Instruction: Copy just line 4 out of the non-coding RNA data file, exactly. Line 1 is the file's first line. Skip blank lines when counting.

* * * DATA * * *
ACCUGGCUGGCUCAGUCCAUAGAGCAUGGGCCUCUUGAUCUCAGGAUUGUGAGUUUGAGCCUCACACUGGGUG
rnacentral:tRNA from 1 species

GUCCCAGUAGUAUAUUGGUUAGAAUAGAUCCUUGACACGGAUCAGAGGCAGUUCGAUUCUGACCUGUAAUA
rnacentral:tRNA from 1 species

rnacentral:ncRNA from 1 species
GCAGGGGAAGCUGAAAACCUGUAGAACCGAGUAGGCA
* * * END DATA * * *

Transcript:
rnacentral:tRNA from 1 species